- With Mayo Clinic obstetrician and medical editor-in-chief
Roger W. Harms, M.D.read biographyclose window
Roger W. Harms, M.D.Roger W. Harms, M.D.
"Nothing helps people stay healthy more than the power of real knowledge about health." — Dr. Roger Harms
As medical director of content, Dr. Roger Harms is excited about the potential for Mayo Clinic's health information site to help educate people about their health and provide them the tools and information to live healthier lives.
The Auburn, Neb., native has been with Mayo Clinic since 1981 and is board certified in obstetrics and gynecology. Dr. Harms is a practicing physician and associate professor of obstetrics and gynecology, and his specialty areas include office gynecology, high-risk obstetrics and obstetrical ultrasound.
From 2002 to 2007, Dr. Harms was director for education at Mayo Clinic, Rochester, Minn. Dr. Harms was the 1988 Mayo Medical School Teacher of the Year and served as associate dean for student affairs and academic affairs. He is the co-author of the "Mayo Clinic Model of Education." In 2008, Dr. Harms was presented the Distinguished Educator Award, Mayo Clinic, Rochester.
Dr. Harms is vice chair of the Department of Obstetrics & Gynecology and medical editor of the Pregnancy section on this website. In addition, Dr. Harms is editor-in-chief of the "Mayo Clinic Guide to a Healthy Pregnancy" book, a month-by-month guide to everything a woman needs to know about having a baby.
"My medical education experience has grown out of a love of teaching, and that is what this site is about," Dr. Harms says. "If any visitor to this site makes a more informed and thus more comfortable decision about his or her health because of the information we provide, we are successful."
Healthy pregnancy (19)
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- Vaccines during pregnancy: Are they safe?
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- see all in Healthy pregnancy
First trimester (3)
- Implantation bleeding: Normal in early pregnancy?
- Birth control pills: Harmful in early pregnancy?
- Nausea during pregnancy: A good thing?
Second trimester (1)
- Fundal height: An accurate sign of fetal growth?
Third trimester (1)
- Hypnobirthing: How does it work?
Pregnancy problems (9)
- Chickenpox and pregnancy: What are the concerns?
- Pregorexia: A legitimate problem during pregnancy?
- Cervical length: Why does it matter during pregnancy?
- see all in Pregnancy problems
Nausea during pregnancy: A good thing?
Is nausea during pregnancy a good sign?
from Roger W. Harms, M.D.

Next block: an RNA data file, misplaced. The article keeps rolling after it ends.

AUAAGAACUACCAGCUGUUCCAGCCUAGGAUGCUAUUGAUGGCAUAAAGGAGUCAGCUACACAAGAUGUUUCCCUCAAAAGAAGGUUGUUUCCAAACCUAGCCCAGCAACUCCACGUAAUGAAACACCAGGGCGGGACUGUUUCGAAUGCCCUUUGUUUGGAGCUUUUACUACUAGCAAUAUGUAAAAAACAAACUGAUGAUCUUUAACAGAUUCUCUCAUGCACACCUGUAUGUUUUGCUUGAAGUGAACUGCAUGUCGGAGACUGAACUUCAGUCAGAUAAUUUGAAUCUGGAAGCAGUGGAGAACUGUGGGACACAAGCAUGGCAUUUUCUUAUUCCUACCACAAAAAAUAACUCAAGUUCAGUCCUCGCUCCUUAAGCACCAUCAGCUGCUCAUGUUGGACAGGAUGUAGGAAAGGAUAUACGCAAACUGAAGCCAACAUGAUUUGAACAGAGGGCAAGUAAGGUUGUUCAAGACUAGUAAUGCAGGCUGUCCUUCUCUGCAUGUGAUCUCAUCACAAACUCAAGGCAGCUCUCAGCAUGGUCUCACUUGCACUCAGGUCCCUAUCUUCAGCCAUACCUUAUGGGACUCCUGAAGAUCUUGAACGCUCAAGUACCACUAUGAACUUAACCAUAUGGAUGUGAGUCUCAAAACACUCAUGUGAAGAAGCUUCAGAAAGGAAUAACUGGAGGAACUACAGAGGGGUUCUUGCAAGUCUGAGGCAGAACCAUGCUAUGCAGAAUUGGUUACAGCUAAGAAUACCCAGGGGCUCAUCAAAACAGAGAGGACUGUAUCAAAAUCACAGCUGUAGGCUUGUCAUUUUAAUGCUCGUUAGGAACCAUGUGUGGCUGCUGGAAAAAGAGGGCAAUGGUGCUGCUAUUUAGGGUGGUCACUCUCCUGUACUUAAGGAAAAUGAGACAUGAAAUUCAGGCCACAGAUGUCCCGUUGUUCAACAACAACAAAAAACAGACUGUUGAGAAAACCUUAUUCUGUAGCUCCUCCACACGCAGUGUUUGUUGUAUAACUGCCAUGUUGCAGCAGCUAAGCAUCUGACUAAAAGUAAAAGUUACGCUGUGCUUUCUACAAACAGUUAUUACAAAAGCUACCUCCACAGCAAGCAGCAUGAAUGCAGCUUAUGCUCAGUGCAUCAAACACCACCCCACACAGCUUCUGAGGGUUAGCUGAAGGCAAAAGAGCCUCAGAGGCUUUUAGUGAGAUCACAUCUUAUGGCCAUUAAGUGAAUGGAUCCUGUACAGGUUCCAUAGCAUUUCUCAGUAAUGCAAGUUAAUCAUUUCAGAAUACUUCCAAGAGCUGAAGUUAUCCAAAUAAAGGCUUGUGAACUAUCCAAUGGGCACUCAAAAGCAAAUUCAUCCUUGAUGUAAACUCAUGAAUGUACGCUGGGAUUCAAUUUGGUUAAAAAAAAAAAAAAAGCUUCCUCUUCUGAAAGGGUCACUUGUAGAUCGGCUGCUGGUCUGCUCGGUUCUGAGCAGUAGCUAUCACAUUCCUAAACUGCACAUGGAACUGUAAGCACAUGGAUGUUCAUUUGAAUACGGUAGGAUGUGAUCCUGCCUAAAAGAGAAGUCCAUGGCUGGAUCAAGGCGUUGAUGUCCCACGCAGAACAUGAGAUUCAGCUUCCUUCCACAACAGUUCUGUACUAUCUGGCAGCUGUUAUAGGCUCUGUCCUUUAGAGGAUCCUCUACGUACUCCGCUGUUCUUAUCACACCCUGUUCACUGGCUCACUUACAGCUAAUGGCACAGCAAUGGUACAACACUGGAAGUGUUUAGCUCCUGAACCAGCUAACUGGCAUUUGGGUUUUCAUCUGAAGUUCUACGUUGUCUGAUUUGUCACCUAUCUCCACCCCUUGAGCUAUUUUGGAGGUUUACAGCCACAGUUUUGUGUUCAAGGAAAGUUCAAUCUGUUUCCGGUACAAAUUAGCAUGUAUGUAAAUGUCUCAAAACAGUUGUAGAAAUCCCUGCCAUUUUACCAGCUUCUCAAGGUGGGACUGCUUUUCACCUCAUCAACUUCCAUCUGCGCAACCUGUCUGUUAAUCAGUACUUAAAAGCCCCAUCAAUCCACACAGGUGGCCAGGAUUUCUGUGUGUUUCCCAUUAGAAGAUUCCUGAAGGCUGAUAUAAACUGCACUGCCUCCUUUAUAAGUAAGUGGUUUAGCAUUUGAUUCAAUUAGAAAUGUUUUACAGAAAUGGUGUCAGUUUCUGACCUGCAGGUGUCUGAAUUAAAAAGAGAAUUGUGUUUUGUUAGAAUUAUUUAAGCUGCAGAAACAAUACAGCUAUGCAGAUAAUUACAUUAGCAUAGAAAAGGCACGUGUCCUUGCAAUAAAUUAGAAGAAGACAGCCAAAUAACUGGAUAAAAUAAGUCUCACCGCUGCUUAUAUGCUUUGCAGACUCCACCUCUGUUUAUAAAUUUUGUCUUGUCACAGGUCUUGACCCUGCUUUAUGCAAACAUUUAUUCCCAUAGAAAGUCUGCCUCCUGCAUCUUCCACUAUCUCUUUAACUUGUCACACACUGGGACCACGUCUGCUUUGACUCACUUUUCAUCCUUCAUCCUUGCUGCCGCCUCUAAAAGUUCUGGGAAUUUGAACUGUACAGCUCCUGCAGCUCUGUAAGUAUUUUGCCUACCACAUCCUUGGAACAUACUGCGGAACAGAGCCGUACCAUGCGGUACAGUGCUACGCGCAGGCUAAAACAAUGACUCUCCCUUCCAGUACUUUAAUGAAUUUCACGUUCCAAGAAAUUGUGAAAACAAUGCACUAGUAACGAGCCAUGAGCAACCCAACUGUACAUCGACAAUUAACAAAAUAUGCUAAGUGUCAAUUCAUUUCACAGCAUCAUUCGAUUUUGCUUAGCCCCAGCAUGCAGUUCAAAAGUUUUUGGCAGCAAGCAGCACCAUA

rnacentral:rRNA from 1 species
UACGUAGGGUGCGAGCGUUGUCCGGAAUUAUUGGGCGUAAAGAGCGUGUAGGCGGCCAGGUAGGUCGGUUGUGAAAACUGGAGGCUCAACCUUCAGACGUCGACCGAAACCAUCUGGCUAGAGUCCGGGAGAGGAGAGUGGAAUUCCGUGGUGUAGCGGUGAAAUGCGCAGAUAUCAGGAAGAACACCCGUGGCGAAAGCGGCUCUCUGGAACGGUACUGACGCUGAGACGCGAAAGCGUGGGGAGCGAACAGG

Nausea and vomiting during the first trimester of pregnancy, also called morning sickness, can be signs of a healthy pregnancy. A recent study of more than 2,400 pregnant women associated nausea and vomiting during the first trimester with a reduced risk of early pregnancy loss — particularly for women age 30 and older.
Shortly after a fertilized egg attaches to your uterine lining, your body begins to produce a hormone called human chorionic gonadotropin (HCG). While the cause of nausea during pregnancy isn't clear, nausea typically begins when production of HCG begins. As a result, nausea during pregnancy might indicate that you're experiencing the normal climb in pregnancy hormones needed for a healthy pregnancy.
Other theories suggest that nausea during pregnancy might:
- Reduce fetal exposure to potentially dangerous substances in your diet
- Encourage you to eat foods that contain certain nutrients, such as those rich in carbohydrates
- Prompt you to adjust your activity level to favor maternal and fetal tissue growth
A lack of nausea during pregnancy, however, isn't necessarily a cause for concern. Some women simply might be immune to the effects of pregnancy hormones. In addition, nausea can sometimes signal a problem. For instance, severe nausea and vomiting can indicate a molar pregnancy — when the placenta develops into an abnormal mass of cysts rather than becoming a viable pregnancy — or hyperemesis gravidarum, a condition that causes you to lose weight and body fluids and might require treatment with intravenous fluids and medications.
If you're concerned about morning sickness or wonder whether your morning sickness is normal, consult your health care provider.Next question
Fundal height: An accurate sign of fetal growth?
- Chan RL, et al. Severity and duration of nausea and vomiting symptoms in pregnancy and spontaneous abortion. Human Reproduction. 2010;25:2907.
- Harms RW (expert opinion). Mayo Clinic, Rochester, Minn. Oct. 7, 2010.
- Jewell D. Nausea and vomiting in early pregnancy. American Family Physician. 2003;68:143.
- Morning sickness. American Congress of Obstetricians and Gynecologists. http://www.acog.org/publications/patient_education/bp126.cfm. Accessed Oct. 18, 2010.
- Refuerzo JS, et al. Clinical features and diagnostic evaluation of nausea and vomiting of pregnancy (hyperemesis gravidarum and morning sickness). http://www.uptodate.com/home/index.html. Accessed Oct. 21, 2010.
- Coad J, et al. Nutrient insult in early pregnancy. Proceedings of the Nutrition Society. 2002;61:51.
- Early pregnancy loss: Miscarriage and molar pregnancy. American Congress of Obstetricians and Gynecologists. http://www.acog.org/publications/patient_education/bp090.cfm. Accessed Nov. 30, 2010.